Jonathan Romney looks at some of the adaptations of Manon Lescaut for the screen.
Abbé Prévost’s original novel tells us very little about Manon Lescaut. We know that she has ‘a passion for pleasure’ – the good life, but by implication sexual satisfaction too – and that her looks and manner are ‘charming’ in a way that leaves the besotted Des Grieux a helpless puppy. Such tantalisingly sketchy characterisation makes her prime material for film-makers to rework for different times and social contexts.
Most film adaptations of Manon Lescaut have been period pieces. The story was adapted several times in the silent era, starting in Italy in 1908, then in France, the US and Germany. The most prestigious early version was Hollywood’s When a Man Loves (Alan Crosland, 1927), with Deirdre Costello and John Barrymore. Another Italian version (Carmine Gallone, 1940) starred Alida Valli and Vittorio de Sica, soon to become one of the founding directors of Italian neo-realism.
Chintzy period versions of Manon Lescaut continue to keep wig departments busy – most recently a 2013 French TV adaptation – but there have also been attempts to update Prévost’s story as a modern text about desire and moral compromise. The adverts for Yoichi Higashi’s Manon (1981) show Setsuko Karasuma as the heroine Mitsuko, respectively modelling a pair of aviator sunglasses and being carried bleeding, her dress torn, over the shoulder of, presumably, the film’s Des Grieux figure.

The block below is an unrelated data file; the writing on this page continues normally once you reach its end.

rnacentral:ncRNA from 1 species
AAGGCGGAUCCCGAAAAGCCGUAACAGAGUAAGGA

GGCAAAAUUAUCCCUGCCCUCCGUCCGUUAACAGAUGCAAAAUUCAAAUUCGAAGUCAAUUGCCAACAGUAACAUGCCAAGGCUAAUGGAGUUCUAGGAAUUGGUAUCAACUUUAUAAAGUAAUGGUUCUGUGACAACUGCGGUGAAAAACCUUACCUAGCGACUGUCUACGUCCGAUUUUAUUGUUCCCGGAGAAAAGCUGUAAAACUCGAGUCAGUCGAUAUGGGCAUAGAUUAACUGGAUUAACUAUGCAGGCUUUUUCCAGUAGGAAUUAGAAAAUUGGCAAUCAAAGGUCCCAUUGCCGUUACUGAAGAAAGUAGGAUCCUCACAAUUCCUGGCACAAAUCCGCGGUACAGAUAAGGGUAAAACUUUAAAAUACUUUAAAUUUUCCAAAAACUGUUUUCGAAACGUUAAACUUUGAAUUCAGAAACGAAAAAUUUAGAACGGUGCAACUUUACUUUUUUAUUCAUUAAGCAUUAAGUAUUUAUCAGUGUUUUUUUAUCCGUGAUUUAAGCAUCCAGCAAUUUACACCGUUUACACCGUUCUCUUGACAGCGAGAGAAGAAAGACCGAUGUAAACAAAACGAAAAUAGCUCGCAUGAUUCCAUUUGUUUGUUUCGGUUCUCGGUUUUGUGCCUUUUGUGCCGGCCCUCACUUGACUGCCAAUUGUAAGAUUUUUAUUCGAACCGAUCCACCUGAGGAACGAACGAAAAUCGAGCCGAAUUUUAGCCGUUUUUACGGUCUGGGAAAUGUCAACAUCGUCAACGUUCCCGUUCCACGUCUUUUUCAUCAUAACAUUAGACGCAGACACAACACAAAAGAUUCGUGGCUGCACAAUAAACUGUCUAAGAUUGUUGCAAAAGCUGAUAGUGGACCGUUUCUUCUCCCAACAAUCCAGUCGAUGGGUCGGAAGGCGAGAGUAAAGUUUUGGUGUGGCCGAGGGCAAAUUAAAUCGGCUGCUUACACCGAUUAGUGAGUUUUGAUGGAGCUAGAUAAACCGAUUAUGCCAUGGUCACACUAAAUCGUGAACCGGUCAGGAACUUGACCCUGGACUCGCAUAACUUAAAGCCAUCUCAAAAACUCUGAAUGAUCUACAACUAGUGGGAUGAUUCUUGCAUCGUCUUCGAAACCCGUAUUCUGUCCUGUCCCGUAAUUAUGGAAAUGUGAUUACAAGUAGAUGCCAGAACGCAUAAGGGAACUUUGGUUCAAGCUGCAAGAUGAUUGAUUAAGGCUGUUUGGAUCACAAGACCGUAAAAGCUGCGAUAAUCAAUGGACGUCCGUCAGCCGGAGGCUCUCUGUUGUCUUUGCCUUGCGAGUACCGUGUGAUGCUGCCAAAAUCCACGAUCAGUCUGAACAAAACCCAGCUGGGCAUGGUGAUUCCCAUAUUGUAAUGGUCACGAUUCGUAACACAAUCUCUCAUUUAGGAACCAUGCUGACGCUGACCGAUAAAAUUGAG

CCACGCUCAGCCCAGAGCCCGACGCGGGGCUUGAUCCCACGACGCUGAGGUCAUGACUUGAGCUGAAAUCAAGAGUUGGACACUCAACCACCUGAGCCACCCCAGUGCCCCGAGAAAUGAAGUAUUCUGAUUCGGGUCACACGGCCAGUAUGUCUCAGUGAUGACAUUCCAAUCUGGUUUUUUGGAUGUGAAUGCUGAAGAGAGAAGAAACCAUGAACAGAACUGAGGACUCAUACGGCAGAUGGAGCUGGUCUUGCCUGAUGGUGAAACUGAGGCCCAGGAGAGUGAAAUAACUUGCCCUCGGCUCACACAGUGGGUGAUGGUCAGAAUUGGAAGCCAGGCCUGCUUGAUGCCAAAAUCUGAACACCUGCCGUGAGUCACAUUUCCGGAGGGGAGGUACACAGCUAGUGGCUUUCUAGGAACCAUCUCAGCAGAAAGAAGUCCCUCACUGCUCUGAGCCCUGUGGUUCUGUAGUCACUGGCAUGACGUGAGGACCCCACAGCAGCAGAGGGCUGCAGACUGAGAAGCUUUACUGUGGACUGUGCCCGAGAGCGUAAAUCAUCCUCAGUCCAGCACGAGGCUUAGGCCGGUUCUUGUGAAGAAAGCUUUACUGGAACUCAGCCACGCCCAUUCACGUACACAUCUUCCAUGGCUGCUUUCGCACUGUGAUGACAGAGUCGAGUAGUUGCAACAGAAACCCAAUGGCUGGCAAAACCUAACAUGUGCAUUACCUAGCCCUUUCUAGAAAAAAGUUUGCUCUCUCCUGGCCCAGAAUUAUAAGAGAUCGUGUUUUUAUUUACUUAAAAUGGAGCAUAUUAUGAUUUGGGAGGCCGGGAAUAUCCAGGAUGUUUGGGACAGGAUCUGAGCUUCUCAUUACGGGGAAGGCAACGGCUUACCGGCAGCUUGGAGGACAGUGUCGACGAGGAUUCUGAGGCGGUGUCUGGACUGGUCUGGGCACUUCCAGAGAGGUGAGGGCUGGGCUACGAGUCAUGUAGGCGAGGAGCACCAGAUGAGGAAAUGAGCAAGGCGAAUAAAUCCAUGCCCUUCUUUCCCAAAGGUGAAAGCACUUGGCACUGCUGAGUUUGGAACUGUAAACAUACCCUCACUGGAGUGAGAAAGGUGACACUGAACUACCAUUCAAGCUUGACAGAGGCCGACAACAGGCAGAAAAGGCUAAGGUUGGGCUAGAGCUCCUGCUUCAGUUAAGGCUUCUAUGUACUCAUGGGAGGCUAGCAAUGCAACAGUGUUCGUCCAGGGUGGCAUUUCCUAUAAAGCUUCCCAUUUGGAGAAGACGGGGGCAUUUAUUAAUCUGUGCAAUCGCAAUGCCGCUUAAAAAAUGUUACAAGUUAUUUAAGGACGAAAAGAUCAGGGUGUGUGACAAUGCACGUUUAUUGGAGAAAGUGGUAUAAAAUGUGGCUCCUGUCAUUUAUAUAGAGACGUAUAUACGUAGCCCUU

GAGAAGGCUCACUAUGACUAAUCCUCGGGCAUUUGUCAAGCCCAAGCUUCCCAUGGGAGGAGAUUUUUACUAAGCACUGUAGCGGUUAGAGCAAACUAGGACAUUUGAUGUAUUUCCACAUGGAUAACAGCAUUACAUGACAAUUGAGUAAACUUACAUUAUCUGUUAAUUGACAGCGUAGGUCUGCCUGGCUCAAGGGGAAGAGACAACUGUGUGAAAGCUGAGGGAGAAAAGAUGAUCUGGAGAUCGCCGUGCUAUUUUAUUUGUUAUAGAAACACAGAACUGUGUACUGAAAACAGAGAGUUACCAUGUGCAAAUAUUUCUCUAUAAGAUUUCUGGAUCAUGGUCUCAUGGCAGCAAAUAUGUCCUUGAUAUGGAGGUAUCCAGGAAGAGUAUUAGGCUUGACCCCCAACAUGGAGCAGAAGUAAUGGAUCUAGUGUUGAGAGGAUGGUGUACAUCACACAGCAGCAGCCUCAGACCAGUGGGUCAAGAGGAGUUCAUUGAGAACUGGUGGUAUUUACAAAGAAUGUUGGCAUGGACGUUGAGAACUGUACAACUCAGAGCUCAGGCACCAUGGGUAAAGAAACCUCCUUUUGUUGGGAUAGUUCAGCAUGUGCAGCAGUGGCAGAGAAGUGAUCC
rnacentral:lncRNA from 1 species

A poster for Henri-Georges Clouzot’s Manon – which won the Golden Lion at the Venice Film Festival in 1949 – similarly lets audiences know that Manon is doomed, showing her lover carrying her body in his arms. Manon marked a return to film by Clouzot, one of the great French directors, whose later work includes the suspense classics The Wages of Fear and Les Diaboliques. Because he had made films in France during the Occupation – his ultra-cynical poison-pen drama Le Corbeau, 1943, was produced by a German company – Clouzot was banned from working immediately after the Liberation. But in 1947 he returned with Quai des Orfèvres, then he made Manon, a film that responds very directly to changes in French society directly after the war.
Read more in our programme, available at the theatre before all performances of Manon Lescaut. Tickets are still available for the remaining performances of Manon Lescaut on 22 and 26 June. Book here.